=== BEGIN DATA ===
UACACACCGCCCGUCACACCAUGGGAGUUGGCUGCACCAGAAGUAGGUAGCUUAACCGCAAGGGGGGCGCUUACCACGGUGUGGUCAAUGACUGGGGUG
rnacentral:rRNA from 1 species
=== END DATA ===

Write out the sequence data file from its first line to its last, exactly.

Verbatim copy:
UACACACCGCCCGUCACACCAUGGGAGUUGGCUGCACCAGAAGUAGGUAGCUUAACCGCAAGGGGGGCGCUUACCACGGUGUGGUCAAUGACUGGGGUG
rnacentral:rRNA from 1 species